Blogs

The JR's First Mate

Hi! The weather is much better today, the waves are not as rough but the sky is still completely cloudy. We have stopped moving since we have reached our next drilling location. The JR has many crew members on board and each has certain responsibilities. Today I am going to tell you about our first mate, Jerry Embry.

Jerry Embry - Chief Mate

We have arrived at site U1370 and the first core will be arriving on deck in about an hour. The seas are a lot calmer than yesterday but the sky is completely cloudy (photo below). A few albatross are sitting off the port side of the ship this morning. Large ships have many crew members, each of who has specific responsibilities so that nothing gets overlooked.

Photo Challenge 2!

Today, I am posting the answers to Photo Challenge 1 and you will find another photo challenge. Send me your answers at www.joidesresolution@gmail.com.

 

Changing Weather!

Brrrr! I'm doing my best to stay dry and warm in this weather. The JR is rocking and rolling as the ocean is becoming a little rough. It is raining and the air temperature is 15 degrees C, that's 59 degrees F.

Change in the Weather!

Well, as we move further south, the weather has changed dramatically. The swells are 8 feet, the water and air temperature is 15 degrees C and it is raining. The JR is certainly rocking and rolling today; some of the crew is starting to feel seasick. A science meeting will take place at 11:00 am and then we should be arriving at our next site shortly thereafter.

Yuki Morono - One of the Microbiologists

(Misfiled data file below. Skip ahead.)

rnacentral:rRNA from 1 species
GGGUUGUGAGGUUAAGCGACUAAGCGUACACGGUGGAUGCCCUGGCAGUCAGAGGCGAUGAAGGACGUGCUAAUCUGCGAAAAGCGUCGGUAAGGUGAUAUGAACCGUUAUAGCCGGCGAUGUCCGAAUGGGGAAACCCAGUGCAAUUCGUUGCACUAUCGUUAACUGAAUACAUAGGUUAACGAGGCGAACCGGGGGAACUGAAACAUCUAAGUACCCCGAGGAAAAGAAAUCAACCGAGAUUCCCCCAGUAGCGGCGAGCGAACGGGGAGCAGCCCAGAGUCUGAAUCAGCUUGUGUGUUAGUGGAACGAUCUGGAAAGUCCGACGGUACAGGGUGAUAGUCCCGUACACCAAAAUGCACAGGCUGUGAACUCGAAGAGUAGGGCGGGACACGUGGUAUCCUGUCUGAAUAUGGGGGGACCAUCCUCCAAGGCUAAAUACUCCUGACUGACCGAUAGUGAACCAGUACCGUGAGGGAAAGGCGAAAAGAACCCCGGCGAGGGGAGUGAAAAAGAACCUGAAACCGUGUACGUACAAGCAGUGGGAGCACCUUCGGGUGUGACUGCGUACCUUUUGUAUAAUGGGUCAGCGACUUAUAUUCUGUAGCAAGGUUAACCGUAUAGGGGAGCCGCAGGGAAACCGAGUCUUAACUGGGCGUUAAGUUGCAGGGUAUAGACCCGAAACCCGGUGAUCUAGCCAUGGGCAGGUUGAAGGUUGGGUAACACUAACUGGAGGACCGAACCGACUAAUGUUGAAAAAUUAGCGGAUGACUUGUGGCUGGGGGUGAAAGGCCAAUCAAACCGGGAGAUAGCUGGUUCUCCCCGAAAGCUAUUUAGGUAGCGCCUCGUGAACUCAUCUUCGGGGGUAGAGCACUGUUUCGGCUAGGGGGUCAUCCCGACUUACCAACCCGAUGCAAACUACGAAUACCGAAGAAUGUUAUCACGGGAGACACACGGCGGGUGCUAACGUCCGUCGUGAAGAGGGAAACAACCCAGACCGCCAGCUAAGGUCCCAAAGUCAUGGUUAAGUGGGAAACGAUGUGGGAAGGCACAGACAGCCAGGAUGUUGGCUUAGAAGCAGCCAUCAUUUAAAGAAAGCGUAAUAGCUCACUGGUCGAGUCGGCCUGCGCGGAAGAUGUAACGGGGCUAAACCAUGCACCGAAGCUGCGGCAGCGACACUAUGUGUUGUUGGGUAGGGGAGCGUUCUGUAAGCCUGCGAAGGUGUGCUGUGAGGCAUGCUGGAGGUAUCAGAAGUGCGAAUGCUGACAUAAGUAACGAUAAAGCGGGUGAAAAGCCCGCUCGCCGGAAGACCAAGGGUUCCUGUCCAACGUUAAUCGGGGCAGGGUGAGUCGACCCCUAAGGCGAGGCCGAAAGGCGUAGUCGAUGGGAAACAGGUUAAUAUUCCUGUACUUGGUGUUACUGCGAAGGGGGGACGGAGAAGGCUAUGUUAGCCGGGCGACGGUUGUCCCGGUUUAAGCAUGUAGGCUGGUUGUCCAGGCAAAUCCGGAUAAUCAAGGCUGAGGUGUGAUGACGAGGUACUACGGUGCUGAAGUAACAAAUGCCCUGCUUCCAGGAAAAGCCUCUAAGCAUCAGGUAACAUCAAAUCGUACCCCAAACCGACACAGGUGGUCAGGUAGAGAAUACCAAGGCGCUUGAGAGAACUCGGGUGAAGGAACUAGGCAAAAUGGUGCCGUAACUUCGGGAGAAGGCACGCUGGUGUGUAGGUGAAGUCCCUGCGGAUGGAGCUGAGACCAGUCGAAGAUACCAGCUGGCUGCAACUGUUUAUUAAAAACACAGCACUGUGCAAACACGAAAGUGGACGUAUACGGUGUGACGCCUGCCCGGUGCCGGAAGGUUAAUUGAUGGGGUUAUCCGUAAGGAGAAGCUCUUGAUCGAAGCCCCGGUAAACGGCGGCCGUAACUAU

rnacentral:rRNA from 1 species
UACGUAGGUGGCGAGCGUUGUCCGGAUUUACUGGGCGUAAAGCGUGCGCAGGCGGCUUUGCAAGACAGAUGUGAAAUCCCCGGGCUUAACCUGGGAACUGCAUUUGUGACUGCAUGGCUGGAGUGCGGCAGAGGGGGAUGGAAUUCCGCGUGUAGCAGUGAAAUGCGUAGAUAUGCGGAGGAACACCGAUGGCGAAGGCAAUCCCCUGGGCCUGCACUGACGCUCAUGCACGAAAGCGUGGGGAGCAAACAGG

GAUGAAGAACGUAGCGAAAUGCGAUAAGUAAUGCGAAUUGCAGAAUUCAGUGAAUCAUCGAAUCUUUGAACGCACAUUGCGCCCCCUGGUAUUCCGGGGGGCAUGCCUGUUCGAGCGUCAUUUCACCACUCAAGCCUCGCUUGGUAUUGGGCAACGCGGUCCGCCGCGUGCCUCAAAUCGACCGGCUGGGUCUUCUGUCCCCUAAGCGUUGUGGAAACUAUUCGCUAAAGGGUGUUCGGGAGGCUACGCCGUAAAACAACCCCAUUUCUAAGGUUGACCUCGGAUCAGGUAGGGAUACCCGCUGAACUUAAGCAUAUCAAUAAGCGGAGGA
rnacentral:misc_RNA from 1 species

Happy Thanksgiving to everyone! Today, the galley crew is preparing turkey and all that goes with it. Since we have many scientists and crew members who are not from the United States, the kitchen workers are also preparing a wide variety of foods, so that everyone can celebrate!

Microbiologist - Yuki Morono

Happy Thanksgiving to everyone! We will enjoy turkey and quite a wide variety of foods today as we have an international crew. Today, I would like to tell you about one of the scientists participating in Expedition 329.

We're on Our Way Again!

Another beautiful day in the South Pacific Ocean! I think I'll work on my tan as we leave site U1369 and travel to our next location. In fact, I'm not the only one taking advantage of the weather. Today, we have many albatrosses following the ship. An albatross is a very large bird that can fly great distances from land. They are flying around and landing in the water.

Finishing U1369

Early this morning the crew finished pulling up the drill pipe and storing it away. We are now making our way to the next site, U1370, which is still further to the southwest. The weather is perfect today! An interesting sight is all of the albatrosses following the ship today, (see photos below). They are amazing to watch as they skim just above the water with their huge wing span.

Our Staff Scientist - Carlos Alvarez-Zarikian

The staff scientist spends much of his time working in Texas at Texas A & M University where the Integrated Ocean Drilling Program (IODP) is located. He is responsible for planning and working with the chief scientists of each expedition. Today, we are going to learn about Carlos Alvarez-Zarikian.

Syndicate content